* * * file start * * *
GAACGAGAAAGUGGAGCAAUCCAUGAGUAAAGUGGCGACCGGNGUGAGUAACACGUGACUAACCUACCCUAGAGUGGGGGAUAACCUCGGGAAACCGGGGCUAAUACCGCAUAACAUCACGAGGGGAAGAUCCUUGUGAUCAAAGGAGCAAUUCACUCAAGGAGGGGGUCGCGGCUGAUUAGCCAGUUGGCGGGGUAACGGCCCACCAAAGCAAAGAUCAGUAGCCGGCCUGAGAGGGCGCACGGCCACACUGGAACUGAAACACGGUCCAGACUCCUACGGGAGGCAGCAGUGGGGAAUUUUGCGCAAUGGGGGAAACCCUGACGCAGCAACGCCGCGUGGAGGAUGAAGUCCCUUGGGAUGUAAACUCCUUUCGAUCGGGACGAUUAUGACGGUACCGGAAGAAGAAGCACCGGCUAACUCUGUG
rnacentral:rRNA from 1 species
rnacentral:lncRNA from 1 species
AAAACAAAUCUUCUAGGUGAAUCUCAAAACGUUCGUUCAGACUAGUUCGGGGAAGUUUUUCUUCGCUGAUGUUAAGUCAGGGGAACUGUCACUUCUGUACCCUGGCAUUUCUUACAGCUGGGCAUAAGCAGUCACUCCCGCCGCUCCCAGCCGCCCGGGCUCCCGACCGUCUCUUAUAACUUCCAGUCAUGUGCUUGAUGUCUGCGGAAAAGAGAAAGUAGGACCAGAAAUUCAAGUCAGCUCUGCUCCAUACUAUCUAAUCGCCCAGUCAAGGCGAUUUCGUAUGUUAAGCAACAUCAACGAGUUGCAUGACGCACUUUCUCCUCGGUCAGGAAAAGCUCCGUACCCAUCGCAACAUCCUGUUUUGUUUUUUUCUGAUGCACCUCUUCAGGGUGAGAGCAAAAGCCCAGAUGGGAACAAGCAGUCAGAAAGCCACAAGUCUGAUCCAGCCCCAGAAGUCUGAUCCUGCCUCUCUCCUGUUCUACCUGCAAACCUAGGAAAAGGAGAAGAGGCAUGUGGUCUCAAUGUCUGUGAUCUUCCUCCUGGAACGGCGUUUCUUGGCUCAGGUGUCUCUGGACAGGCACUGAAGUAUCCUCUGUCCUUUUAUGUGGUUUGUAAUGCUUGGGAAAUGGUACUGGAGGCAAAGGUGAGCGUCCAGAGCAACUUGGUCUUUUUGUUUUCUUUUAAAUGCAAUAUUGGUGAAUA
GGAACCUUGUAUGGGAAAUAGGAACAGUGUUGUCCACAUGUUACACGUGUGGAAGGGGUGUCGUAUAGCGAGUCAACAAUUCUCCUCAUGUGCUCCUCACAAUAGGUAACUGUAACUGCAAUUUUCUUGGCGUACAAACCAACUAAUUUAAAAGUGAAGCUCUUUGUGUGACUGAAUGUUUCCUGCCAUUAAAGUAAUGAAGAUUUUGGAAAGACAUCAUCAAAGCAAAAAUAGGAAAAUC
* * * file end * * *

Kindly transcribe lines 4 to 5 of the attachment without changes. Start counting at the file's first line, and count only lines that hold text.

AAAACAAAUCUUCUAGGUGAAUCUCAAAACGUUCGUUCAGACUAGUUCGGGGAAGUUUUUCUUCGCUGAUGUUAAGUCAGGGGAACUGUCACUUCUGUACCCUGGCAUUUCUUACAGCUGGGCAUAAGCAGUCACUCCCGCCGCUCCCAGCCGCCCGGGCUCCCGACCGUCUCUUAUAACUUCCAGUCAUGUGCUUGAUGUCUGCGGAAAAGAGAAAGUAGGACCAGAAAUUCAAGUCAGCUCUGCUCCAUACUAUCUAAUCGCCCAGUCAAGGCGAUUUCGUAUGUUAAGCAACAUCAACGAGUUGCAUGACGCACUUUCUCCUCGGUCAGGAAAAGCUCCGUACCCAUCGCAACAUCCUGUUUUGUUUUUUUCUGAUGCACCUCUUCAGGGUGAGAGCAAAAGCCCAGAUGGGAACAAGCAGUCAGAAAGCCACAAGUCUGAUCCAGCCCCAGAAGUCUGAUCCUGCCUCUCUCCUGUUCUACCUGCAAACCUAGGAAAAGGAGAAGAGGCAUGUGGUCUCAAUGUCUGUGAUCUUCCUCCUGGAACGGCGUUUCUUGGCUCAGGUGUCUCUGGACAGGCACUGAAGUAUCCUCUGUCCUUUUAUGUGGUUUGUAAUGCUUGGGAAAUGGUACUGGAGGCAAAGGUGAGCGUCCAGAGCAACUUGGUCUUUUUGUUUUCUUUUAAAUGCAAUAUUGGUGAAUA
GGAACCUUGUAUGGGAAAUAGGAACAGUGUUGUCCACAUGUUACACGUGUGGAAGGGGUGUCGUAUAGCGAGUCAACAAUUCUCCUCAUGUGCUCCUCACAAUAGGUAACUGUAACUGCAAUUUUCUUGGCGUACAAACCAACUAAUUUAAAAGUGAAGCUCUUUGUGUGACUGAAUGUUUCCUGCCAUUAAAGUAAUGAAGAUUUUGGAAAGACAUCAUCAAAGCAAAAAUAGGAAAAUC